4. Having not read Dance but having read Dalloway several times as well as your last post on Dance, I find you refreshing and honest. You represent the reader response approach beautifully. This type of critique requires the reader to bring all personal assumptions and expectations, his age and cultural experience, and especially her reason for the act of reading, to the process of analysis and judgement. Reader response depends first, like many life experiences, on reader expectations. Devoted to your reading list as you have made yourself, you escape the simplistic comment that after 1000 pages of a book and thousands more to come, it is mere masochism. Perhaps the commitment to the reading list itself represents a masochistic bent, but once committed, you are simply a determined reader to be admired. As to your comments on both books, it would seem that authors who employ long sentences do not appeal to you. I assume Garcia Marquez will also give you pause, though he might overcome your aversion through his imaginative characters and eventful plots. Mrs. Dalloway gave me a hard time as well on first read– at least the first half of the novel. It seemed to me an obsessive celebration of the British upper class who by right of position had escaped most of the discomforts of a war which had devastated the “commoners.” Then Woolf turns inexplicably toward the tale of madness and PTSD (a term unknown at the time) in the lives of a young veteran and his wife and the woeful lack of any meaningful treatment available to them through an upper class doctor. This tale ends in the soldier’s awful suicide. Woolf returns, almost as if the soldier’s tale had not ever meant to be part of the book, to the Dalloway universe and the endless party which closes the plot. All is status and impression, class and decorum, with even a visit from royalty thrown in for completion of the aristocratic milieu. It is reminiscent of what Poe does in “The Mask of the Red Death”, where royalty locks the gates of the castle to keep out the subjects who are dying of plague and keep in the chosen few to dance the masque and ignore the suffering. Dalloway herself perhaps can be said to live past the suffering, unlike Prince Prospero, but Woolf’s reader is suddenly pinned by the appearance at the festivities of the very doctor who was so unprepared to treat the suicide yet retells the history of the case as an anecdote meant to entertain the partiers. For me, and in reader response the expression “for me” is redundant, this is where your reader’s comment on Woolf “splitting the atom” is pointed. In a novel so apparently adoring of the British class system, a tiny percentage of plot and dialog, the size of an atom to the scope of the book, serves to condemn the aristocratic aloofness of early 20th century Britain in ways which still reverberate today and can be sadly applied to the general American public and its government that try so energetically to distance themselves from the suffering of war on both, or perhaps better said on all, sides and look instead to abstract discussions of reasons for war and statistics of war. In America, a most poignant example of the disconnect between government officials who declare war and soldiers who die and suffer lifelong for their government is the paltry veteran benefits doled out by those in power in the Senate and House of Representatives, those very men and women who regularly vote to increase their own salaries and benefits and who enjoy lifelong retirement salaries in the hundreds of thousands per year even if they hold office for one term. Compare that to the PTSD vet wandering the cold Chicago winter streets out of money, paranoid and suspicious of society and unable to sustain a stable life rhythm. It is this haunting impression of society’s inhumanity I find so compelling in Dalloway. If Woolf had not sidled up to the subject in such a slow and ornate fashion, the reader would never have been trapped into collaterally becoming a participant the frivolous upper class so guilty of living on the largess of the dead and wounded. If a writer can make me feel something I had not felt or come to a perspective I had never considered in a way palatable enough for me to entertain then I will thank him or her and keep them in my respect. Dance does not apparently do this for you, but Dalloway does so for me. Much respect to you and your quest. I look forward to reading your insights.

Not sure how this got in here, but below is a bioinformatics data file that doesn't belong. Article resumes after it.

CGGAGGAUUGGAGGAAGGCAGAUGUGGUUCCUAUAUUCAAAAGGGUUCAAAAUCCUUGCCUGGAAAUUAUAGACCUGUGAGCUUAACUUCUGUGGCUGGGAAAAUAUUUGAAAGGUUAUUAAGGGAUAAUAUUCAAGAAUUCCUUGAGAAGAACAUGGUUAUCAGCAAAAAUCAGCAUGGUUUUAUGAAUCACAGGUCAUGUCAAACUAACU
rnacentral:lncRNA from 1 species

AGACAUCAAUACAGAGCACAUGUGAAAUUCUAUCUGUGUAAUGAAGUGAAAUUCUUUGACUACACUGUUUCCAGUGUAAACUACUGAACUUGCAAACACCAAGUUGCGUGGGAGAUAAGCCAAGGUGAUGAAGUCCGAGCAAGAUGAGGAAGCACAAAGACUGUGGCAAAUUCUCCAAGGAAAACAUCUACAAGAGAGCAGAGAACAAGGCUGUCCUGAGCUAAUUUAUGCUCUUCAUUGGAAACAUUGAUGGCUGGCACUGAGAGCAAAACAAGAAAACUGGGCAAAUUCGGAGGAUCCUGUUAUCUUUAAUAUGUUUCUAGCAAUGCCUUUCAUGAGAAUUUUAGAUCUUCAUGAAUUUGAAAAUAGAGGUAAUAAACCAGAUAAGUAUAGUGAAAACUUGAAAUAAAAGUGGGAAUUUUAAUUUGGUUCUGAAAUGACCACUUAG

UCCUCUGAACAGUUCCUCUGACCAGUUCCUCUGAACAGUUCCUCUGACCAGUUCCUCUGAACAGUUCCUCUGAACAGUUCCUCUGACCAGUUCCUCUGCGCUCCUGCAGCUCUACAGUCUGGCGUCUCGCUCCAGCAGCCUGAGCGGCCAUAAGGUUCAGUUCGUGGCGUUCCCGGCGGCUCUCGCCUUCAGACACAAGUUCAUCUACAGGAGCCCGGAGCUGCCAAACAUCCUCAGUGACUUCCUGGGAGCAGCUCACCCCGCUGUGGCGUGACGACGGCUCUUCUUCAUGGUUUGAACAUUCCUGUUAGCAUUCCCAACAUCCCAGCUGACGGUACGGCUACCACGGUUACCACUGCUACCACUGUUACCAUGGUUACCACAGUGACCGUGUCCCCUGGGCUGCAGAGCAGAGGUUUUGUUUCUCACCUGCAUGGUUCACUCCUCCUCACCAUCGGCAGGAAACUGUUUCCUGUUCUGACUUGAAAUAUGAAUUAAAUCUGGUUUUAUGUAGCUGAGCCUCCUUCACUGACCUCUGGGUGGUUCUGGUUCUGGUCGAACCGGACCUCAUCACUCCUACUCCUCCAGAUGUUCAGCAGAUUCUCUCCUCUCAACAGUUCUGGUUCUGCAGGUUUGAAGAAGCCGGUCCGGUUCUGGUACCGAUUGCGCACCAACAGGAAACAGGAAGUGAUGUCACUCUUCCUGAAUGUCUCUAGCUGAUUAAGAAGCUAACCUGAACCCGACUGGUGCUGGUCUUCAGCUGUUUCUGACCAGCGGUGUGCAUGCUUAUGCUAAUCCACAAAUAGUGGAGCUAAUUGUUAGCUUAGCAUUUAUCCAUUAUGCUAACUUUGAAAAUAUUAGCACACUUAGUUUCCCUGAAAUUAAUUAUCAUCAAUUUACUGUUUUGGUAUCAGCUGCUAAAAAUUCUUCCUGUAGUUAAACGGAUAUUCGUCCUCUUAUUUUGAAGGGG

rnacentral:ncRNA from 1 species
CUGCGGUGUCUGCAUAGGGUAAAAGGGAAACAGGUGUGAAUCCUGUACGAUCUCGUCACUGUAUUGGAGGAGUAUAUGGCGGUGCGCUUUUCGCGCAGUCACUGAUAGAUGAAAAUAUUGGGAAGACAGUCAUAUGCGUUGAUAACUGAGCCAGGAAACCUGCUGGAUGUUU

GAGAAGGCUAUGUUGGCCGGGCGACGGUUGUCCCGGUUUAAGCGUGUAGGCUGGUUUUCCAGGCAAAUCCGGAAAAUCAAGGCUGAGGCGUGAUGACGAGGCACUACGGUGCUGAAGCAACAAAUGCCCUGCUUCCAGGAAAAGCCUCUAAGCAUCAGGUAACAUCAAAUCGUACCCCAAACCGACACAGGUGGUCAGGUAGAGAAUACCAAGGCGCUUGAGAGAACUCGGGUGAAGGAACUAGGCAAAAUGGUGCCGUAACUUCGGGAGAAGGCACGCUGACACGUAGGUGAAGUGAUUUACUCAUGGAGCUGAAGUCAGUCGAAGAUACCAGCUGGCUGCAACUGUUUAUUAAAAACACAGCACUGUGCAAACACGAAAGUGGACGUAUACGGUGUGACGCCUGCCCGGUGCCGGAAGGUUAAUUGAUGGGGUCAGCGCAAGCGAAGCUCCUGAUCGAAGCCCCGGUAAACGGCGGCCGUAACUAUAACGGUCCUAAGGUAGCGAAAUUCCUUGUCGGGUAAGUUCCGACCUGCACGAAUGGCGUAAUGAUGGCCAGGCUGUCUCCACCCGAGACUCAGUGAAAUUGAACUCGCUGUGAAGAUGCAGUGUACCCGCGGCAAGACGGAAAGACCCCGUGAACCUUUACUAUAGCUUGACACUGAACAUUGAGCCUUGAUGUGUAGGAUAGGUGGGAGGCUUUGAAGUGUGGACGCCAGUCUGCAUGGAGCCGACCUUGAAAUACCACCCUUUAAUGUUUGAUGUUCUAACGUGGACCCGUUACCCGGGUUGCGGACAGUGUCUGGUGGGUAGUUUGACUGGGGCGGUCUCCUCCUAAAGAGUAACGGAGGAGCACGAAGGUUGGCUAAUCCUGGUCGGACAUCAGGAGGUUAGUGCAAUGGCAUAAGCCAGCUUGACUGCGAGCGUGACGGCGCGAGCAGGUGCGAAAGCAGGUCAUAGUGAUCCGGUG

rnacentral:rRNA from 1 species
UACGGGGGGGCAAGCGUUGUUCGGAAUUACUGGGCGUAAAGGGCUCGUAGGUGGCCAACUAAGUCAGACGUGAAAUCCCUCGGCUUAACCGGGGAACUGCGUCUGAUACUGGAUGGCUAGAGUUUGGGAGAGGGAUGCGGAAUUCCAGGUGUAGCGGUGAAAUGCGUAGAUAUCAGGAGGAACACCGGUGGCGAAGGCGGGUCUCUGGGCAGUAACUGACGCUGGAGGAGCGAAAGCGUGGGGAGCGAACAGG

January 3, 2013